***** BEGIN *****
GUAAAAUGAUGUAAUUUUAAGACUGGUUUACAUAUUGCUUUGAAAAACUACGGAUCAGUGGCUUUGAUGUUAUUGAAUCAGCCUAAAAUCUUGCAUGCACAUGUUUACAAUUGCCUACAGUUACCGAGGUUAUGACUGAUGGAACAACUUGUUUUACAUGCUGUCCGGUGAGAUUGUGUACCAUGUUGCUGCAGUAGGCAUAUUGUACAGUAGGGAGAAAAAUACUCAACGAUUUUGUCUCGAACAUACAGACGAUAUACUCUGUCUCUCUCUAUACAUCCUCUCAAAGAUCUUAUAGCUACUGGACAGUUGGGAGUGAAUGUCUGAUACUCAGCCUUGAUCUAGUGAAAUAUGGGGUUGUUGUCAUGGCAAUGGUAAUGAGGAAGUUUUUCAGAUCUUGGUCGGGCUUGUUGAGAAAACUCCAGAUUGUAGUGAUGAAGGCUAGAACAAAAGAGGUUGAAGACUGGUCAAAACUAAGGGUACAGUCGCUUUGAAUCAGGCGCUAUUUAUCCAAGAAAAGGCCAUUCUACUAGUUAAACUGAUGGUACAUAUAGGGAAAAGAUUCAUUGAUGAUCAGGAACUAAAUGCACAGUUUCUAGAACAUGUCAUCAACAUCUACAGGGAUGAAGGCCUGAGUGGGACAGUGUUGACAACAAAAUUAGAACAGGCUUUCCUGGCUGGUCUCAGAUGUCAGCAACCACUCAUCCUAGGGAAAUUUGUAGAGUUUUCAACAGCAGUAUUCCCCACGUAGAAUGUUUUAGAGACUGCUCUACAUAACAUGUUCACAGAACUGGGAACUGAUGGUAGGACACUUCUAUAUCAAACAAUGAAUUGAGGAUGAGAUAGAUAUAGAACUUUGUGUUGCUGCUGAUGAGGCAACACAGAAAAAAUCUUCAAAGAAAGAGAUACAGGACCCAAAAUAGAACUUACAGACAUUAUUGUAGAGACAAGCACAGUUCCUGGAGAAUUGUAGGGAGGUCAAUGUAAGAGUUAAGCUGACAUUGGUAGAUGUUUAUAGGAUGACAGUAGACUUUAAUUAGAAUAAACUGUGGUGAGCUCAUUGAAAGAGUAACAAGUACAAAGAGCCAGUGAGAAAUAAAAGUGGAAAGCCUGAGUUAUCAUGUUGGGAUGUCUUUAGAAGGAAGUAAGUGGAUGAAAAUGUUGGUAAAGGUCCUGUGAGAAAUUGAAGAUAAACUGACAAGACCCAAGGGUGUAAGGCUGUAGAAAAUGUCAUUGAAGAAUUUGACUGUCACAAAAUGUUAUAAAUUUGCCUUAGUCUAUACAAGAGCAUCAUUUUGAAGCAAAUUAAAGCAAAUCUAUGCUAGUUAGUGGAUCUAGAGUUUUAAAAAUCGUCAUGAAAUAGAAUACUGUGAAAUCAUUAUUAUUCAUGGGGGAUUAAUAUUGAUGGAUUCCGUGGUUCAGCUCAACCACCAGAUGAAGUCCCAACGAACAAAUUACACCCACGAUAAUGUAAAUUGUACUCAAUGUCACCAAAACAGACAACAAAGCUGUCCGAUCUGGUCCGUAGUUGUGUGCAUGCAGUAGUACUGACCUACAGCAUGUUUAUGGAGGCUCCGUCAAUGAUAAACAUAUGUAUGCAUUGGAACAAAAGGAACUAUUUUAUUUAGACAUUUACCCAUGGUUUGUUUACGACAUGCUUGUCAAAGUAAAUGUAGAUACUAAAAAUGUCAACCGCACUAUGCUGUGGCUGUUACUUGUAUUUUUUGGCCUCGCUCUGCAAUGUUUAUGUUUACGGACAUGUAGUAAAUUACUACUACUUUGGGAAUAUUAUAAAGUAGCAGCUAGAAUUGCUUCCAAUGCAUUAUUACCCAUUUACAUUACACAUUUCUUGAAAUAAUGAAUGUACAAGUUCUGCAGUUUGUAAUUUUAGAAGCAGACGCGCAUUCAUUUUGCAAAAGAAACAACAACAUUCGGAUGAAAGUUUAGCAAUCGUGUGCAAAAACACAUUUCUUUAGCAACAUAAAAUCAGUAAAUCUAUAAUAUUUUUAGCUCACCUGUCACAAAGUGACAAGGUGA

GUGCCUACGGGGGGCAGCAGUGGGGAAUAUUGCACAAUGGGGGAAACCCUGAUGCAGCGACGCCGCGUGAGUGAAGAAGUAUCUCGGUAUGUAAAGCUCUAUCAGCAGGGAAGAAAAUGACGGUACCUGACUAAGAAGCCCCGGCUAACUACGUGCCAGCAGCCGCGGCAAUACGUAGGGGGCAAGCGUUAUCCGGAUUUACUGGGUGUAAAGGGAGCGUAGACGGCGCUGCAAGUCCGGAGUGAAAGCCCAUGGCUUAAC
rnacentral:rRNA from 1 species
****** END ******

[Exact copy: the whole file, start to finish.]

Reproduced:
GUAAAAUGAUGUAAUUUUAAGACUGGUUUACAUAUUGCUUUGAAAAACUACGGAUCAGUGGCUUUGAUGUUAUUGAAUCAGCCUAAAAUCUUGCAUGCACAUGUUUACAAUUGCCUACAGUUACCGAGGUUAUGACUGAUGGAACAACUUGUUUUACAUGCUGUCCGGUGAGAUUGUGUACCAUGUUGCUGCAGUAGGCAUAUUGUACAGUAGGGAGAAAAAUACUCAACGAUUUUGUCUCGAACAUACAGACGAUAUACUCUGUCUCUCUCUAUACAUCCUCUCAAAGAUCUUAUAGCUACUGGACAGUUGGGAGUGAAUGUCUGAUACUCAGCCUUGAUCUAGUGAAAUAUGGGGUUGUUGUCAUGGCAAUGGUAAUGAGGAAGUUUUUCAGAUCUUGGUCGGGCUUGUUGAGAAAACUCCAGAUUGUAGUGAUGAAGGCUAGAACAAAAGAGGUUGAAGACUGGUCAAAACUAAGGGUACAGUCGCUUUGAAUCAGGCGCUAUUUAUCCAAGAAAAGGCCAUUCUACUAGUUAAACUGAUGGUACAUAUAGGGAAAAGAUUCAUUGAUGAUCAGGAACUAAAUGCACAGUUUCUAGAACAUGUCAUCAACAUCUACAGGGAUGAAGGCCUGAGUGGGACAGUGUUGACAACAAAAUUAGAACAGGCUUUCCUGGCUGGUCUCAGAUGUCAGCAACCACUCAUCCUAGGGAAAUUUGUAGAGUUUUCAACAGCAGUAUUCCCCACGUAGAAUGUUUUAGAGACUGCUCUACAUAACAUGUUCACAGAACUGGGAACUGAUGGUAGGACACUUCUAUAUCAAACAAUGAAUUGAGGAUGAGAUAGAUAUAGAACUUUGUGUUGCUGCUGAUGAGGCAACACAGAAAAAAUCUUCAAAGAAAGAGAUACAGGACCCAAAAUAGAACUUACAGACAUUAUUGUAGAGACAAGCACAGUUCCUGGAGAAUUGUAGGGAGGUCAAUGUAAGAGUUAAGCUGACAUUGGUAGAUGUUUAUAGGAUGACAGUAGACUUUAAUUAGAAUAAACUGUGGUGAGCUCAUUGAAAGAGUAACAAGUACAAAGAGCCAGUGAGAAAUAAAAGUGGAAAGCCUGAGUUAUCAUGUUGGGAUGUCUUUAGAAGGAAGUAAGUGGAUGAAAAUGUUGGUAAAGGUCCUGUGAGAAAUUGAAGAUAAACUGACAAGACCCAAGGGUGUAAGGCUGUAGAAAAUGUCAUUGAAGAAUUUGACUGUCACAAAAUGUUAUAAAUUUGCCUUAGUCUAUACAAGAGCAUCAUUUUGAAGCAAAUUAAAGCAAAUCUAUGCUAGUUAGUGGAUCUAGAGUUUUAAAAAUCGUCAUGAAAUAGAAUACUGUGAAAUCAUUAUUAUUCAUGGGGGAUUAAUAUUGAUGGAUUCCGUGGUUCAGCUCAACCACCAGAUGAAGUCCCAACGAACAAAUUACACCCACGAUAAUGUAAAUUGUACUCAAUGUCACCAAAACAGACAACAAAGCUGUCCGAUCUGGUCCGUAGUUGUGUGCAUGCAGUAGUACUGACCUACAGCAUGUUUAUGGAGGCUCCGUCAAUGAUAAACAUAUGUAUGCAUUGGAACAAAAGGAACUAUUUUAUUUAGACAUUUACCCAUGGUUUGUUUACGACAUGCUUGUCAAAGUAAAUGUAGAUACUAAAAAUGUCAACCGCACUAUGCUGUGGCUGUUACUUGUAUUUUUUGGCCUCGCUCUGCAAUGUUUAUGUUUACGGACAUGUAGUAAAUUACUACUACUUUGGGAAUAUUAUAAAGUAGCAGCUAGAAUUGCUUCCAAUGCAUUAUUACCCAUUUACAUUACACAUUUCUUGAAAUAAUGAAUGUACAAGUUCUGCAGUUUGUAAUUUUAGAAGCAGACGCGCAUUCAUUUUGCAAAAGAAACAACAACAUUCGGAUGAAAGUUUAGCAAUCGUGUGCAAAAACACAUUUCUUUAGCAACAUAAAAUCAGUAAAUCUAUAAUAUUUUUAGCUCACCUGUCACAAAGUGACAAGGUGA

GUGCCUACGGGGGGCAGCAGUGGGGAAUAUUGCACAAUGGGGGAAACCCUGAUGCAGCGACGCCGCGUGAGUGAAGAAGUAUCUCGGUAUGUAAAGCUCUAUCAGCAGGGAAGAAAAUGACGGUACCUGACUAAGAAGCCCCGGCUAACUACGUGCCAGCAGCCGCGGCAAUACGUAGGGGGCAAGCGUUAUCCGGAUUUACUGGGUGUAAAGGGAGCGUAGACGGCGCUGCAAGUCCGGAGUGAAAGCCCAUGGCUUAAC
rnacentral:rRNA from 1 species